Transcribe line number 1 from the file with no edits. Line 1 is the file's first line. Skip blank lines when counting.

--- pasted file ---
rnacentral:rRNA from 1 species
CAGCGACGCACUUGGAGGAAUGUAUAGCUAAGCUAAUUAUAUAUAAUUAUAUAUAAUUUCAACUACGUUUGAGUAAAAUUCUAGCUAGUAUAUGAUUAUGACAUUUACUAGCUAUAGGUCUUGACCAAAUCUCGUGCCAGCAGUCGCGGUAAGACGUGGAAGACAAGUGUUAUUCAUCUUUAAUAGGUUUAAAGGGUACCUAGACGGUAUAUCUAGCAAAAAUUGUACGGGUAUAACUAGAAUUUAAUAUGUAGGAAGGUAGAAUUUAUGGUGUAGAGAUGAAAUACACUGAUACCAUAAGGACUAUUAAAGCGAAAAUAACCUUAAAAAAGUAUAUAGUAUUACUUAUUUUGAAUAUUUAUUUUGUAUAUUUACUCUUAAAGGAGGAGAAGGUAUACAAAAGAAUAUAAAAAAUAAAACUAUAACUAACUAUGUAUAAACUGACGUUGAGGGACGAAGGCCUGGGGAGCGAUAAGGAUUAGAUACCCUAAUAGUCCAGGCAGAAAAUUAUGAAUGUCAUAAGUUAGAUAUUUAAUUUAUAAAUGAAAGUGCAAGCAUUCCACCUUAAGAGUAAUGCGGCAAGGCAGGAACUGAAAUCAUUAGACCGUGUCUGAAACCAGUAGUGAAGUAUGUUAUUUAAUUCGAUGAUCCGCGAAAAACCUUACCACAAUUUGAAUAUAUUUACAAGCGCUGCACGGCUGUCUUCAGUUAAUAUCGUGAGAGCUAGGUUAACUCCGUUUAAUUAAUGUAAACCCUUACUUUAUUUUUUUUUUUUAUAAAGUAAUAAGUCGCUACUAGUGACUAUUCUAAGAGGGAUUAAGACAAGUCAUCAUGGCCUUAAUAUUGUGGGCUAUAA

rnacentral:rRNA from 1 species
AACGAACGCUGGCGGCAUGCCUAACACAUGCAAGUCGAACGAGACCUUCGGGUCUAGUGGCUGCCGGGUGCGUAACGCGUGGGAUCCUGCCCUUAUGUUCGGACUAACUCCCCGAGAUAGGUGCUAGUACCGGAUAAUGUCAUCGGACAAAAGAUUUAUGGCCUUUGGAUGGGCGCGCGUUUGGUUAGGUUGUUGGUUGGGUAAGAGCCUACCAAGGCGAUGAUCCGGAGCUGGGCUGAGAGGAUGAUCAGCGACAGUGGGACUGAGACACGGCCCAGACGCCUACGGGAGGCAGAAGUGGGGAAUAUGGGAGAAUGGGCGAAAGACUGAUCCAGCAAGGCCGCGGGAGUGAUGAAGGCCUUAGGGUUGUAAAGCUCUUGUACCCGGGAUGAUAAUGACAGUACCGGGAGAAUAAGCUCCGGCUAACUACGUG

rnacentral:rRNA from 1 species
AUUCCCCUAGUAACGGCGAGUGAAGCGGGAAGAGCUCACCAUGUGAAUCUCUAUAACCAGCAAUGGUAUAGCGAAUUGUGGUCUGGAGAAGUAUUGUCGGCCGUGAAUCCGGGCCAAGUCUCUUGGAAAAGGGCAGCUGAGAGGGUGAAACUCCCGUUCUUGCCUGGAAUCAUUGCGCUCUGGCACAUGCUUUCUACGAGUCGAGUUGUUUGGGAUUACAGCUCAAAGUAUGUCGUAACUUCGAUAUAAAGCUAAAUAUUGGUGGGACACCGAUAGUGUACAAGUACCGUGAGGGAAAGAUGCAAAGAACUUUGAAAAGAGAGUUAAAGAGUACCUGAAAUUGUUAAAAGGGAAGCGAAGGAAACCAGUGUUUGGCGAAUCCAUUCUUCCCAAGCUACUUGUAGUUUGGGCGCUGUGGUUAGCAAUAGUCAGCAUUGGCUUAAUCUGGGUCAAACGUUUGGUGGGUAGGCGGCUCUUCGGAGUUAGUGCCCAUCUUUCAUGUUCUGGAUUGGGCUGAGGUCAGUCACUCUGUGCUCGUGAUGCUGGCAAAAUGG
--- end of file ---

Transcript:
rnacentral:rRNA from 1 species